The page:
DUBAI:

Abraaj de­nies any wrong­do­ing

Arab Times - - FRONT PAGE -

Saudi Ara­bia has de­tained a prom­i­nent Is­lamist scholar, ac­tivists said Thurs­day, in a widen­ing crack­down on dis­sent in the ul­tra-con­ser­va­tive king­dom, which is un­der­go­ing sweep­ing eco­nomic and so­cial re­forms.

Rights cam­paign­ers and on­line ac­tivists said Sheikh Sa­far alHawali, a Sunni Is­lamist scholar and lead­ing fig­ure in Saudi Ara­bia’s Is­lamic Sahwa reformist move­ment, had been taken into cus­tody.

They did not give fur­ther de­tails about the case of the scholar, who has pushed a line of an­tiAmer­i­can­ism and Is­lamic rule. (AFP)

DUBAI, July 12, (RTRS): Some in­vestors in funds man­aged by Dubai-based Abraaj want to block the sale of as­sets to Colony Cap­i­tal pend­ing a re­view of Abraaj’s han­dling of funds, ac­cord­ing to a re­port seen by Reuters, po­ten­tially de­lay­ing a deal key to the sur­vival of the in­vest­ment man­age­ment busi­ness.

United States-based Colony of­fered last month to buy the fund man­age­ment unit that runs Abraaj’s Latin Amer­ica, Sub Sa­ha­ran Africa, North Africa and Tur­key funds af­ter months of tur­moil at Abraaj trig­gered by a dis­pute with in­vestors over the use of their money in a $1 bil­lion health­care fund.

Abraaj de­nies any wrong­do­ing, but the row has weighed heav­ily on the Mid­dle East and Africa’s largest pri­vate eq­uity firm, which filed for pro­vi­sional liq­ui­da­tion in the Cay­man Is­lands last month.

A re­view of Abraaj’s han­dling of in­vestor money is likely to de­lay the Colony trans­ac­tion, ac­cord­ing to a re­port by Abraaj Hold­ings pro­vi­sional liq­uida­tors, PwC.

The sale of some or all of Abraaj’s fund man­age­ment busi­ness, Abraaj In­vest­ment Man­age­ment (AIML), is seen as crit­i­cal to the busi­ness avoid­ing fi­nan­cial col­lapse.

How­ever, the PwC re­port also said other po­ten­tial bid­ders had ex­pressed in­ter­est in AIML as­sets, and at least two of them were vi­able al­ter­na­tive deals. One of those suit­ors is Cer­berus Cap­i­tal Man­age­ment, sources fa­mil­iar with the mat­ter said.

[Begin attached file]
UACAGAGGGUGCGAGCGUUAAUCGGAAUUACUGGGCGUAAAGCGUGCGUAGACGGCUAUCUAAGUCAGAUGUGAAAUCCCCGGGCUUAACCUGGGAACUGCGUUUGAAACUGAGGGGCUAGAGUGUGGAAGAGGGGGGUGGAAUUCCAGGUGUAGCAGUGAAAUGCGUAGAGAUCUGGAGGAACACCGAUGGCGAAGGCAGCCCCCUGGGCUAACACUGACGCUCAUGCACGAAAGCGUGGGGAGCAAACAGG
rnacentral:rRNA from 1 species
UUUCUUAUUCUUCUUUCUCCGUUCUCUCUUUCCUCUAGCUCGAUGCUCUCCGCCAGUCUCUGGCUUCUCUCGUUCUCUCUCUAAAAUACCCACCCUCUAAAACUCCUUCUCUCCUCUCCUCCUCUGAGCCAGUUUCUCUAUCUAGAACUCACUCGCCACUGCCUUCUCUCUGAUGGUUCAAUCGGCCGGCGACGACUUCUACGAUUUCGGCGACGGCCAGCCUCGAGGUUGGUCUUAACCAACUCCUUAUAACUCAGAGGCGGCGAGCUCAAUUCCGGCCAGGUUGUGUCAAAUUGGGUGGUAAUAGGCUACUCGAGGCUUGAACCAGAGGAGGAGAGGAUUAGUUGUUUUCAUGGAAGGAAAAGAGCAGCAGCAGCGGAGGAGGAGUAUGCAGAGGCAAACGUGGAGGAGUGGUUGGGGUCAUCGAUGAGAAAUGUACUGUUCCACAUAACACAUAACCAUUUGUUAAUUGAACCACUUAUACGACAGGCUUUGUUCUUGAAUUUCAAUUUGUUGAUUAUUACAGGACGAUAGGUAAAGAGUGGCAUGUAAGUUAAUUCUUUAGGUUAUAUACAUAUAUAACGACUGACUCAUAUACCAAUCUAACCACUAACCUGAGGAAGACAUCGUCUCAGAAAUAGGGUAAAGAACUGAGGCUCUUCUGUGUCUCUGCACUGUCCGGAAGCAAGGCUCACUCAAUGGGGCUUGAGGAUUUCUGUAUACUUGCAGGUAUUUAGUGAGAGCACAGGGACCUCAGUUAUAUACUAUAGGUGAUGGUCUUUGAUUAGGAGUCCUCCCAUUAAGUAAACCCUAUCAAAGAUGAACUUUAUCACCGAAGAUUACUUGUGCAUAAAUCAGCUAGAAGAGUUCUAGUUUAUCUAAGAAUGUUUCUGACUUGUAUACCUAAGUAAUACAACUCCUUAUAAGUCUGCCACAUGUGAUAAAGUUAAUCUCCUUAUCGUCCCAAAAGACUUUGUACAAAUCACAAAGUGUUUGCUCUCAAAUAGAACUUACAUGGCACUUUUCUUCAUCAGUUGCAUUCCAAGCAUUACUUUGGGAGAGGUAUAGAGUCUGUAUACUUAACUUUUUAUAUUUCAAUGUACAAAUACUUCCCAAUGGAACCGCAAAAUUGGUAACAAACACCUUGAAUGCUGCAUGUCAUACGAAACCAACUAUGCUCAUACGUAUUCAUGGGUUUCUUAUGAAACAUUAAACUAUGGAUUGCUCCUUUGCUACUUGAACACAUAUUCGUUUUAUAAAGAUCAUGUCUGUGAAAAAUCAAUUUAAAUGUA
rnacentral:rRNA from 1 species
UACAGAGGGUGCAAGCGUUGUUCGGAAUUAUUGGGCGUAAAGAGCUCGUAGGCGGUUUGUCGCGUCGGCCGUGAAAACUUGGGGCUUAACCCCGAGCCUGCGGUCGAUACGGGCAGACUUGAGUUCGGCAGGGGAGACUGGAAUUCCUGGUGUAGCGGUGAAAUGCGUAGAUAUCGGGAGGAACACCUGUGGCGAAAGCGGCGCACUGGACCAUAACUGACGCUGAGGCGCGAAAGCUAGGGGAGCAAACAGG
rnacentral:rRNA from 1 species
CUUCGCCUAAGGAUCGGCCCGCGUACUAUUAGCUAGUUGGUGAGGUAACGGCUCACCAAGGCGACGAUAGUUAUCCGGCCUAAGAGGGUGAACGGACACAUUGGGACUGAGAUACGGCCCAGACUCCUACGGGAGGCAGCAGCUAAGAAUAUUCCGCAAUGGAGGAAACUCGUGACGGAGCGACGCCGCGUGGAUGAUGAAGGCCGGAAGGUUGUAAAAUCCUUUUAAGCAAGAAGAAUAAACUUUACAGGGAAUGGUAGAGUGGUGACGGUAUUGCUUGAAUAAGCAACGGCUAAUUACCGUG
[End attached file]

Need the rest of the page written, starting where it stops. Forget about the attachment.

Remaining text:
PwC and Abraaj said they could not pro­vide any pub­lic com­ment on the re­port. Colony de­clined to com­ment. Cer­berus did not im­me­di­ately re­spond to re­quests for com­ment.

The PwC re­port said cer­tain lim­ited part­ners had ex­pressed con­cerns over the Colony deal and that they wanted a re­view of the funds be­fore agree­ing to a sale of Abraaj Hold­ings lim­ited part­ners stakes. It did not iden­tify the lim­ited part­ners.

The re­view is be­ing re­quested to “un­der­stand if there has been any un­known mis­ap­pro­pri­a­tion of cash in the funds”, said the PwC re­port dated July 11.

It said the un­cer­tainty was caus­ing Abraaj’s in­vest­ment plat­form to be un­sta­ble and that there could be sig­nif­i­cant di­lu­tion in the value of Abraaj’s lim­ited part­ners stakes in the short term.

“Time is of essence given AIML does not have any cash,” the re­port said, adding AIML was re­liant on Abraaj Hold­ings for fund­ing and was ac­cru­ing op­er­a­tional costs.

Abraaj has been bat­tling al­le­ga­tions by in­vestors in­clud­ing the Bill & Melinda Gates Foun­da­tion and In­ter­na­tional Fi­nan­cial Corp that “it mis­used money in the health­care fund. The Gates Foun­da­tion and IFC have de­clined to com­ment on the row.”

The dis­pute has led to a halt in Abraaj’s fundrais­ing ac­tiv­i­ties and a se­ries of man­age­rial shake-ups as it tack­led en­su­ing debt re­pay­ment prob­lems.

Abraaj’s to­tal debt stood at $1.07 bil­lion, the PwC re­port said, in­clud­ing $501.4 mil­lion in un­se­cured debt and $572.4 mil­lion se­cured debt. It said Abraaj bor­rowed to cover a liq­uid­ity short­fall caused by in­suf­fi­cient man­age­ment fee in­come and car­ried in­ter­est be­tween 2014 to 2017.

Abraaj’s to­tal as­sets avail­able to the pro­vi­sional liq­ui­da­tion process were val­ued at $147.7 mil­lion, ac­cord­ing to the re­port.

The re­port said Colony’s of­fer was $229.3 mil­lion to buy the com­pany’s man­age­ment rights and lim­ited part­ner stakes of six funds and that, as there had been other ex­pres­sions of in­ter­est, pro­vi­sional liq­uida­tors were also look­ing for al­ter­na­tive so­lu­tions to sta­bi­lize the plat­form as quickly as pos­si­ble.

The PwC re­port said Abraaj faced three broad out­comes.

One was to con­tinue ne­go­ti­a­tions with Colony, an­other was to re­place AIML with a new in­vest­ment man­ager and the third was to dis­con­tinue AIML, it said.

The re­port also said the pro­vi­sional liq­uida­tors had been un­able to ob­tain stand­alone an­nual fi­nan­cial state­ments or man­age­ment ac­counts for the com­pany, adding that it is highly ir­reg­u­lar for there not to be stand­alone monthly man­age­ment ac­count­ing re­port­ing and stand­alone au­dit re­ports. “This lack of fi­nan­cial record-keep­ing raises the ques­tion of how the com­pany’s di­rec­tors were able to en­sure the com­pany was sol­vent and be­ing ef­fec­tively man­aged,” it said.

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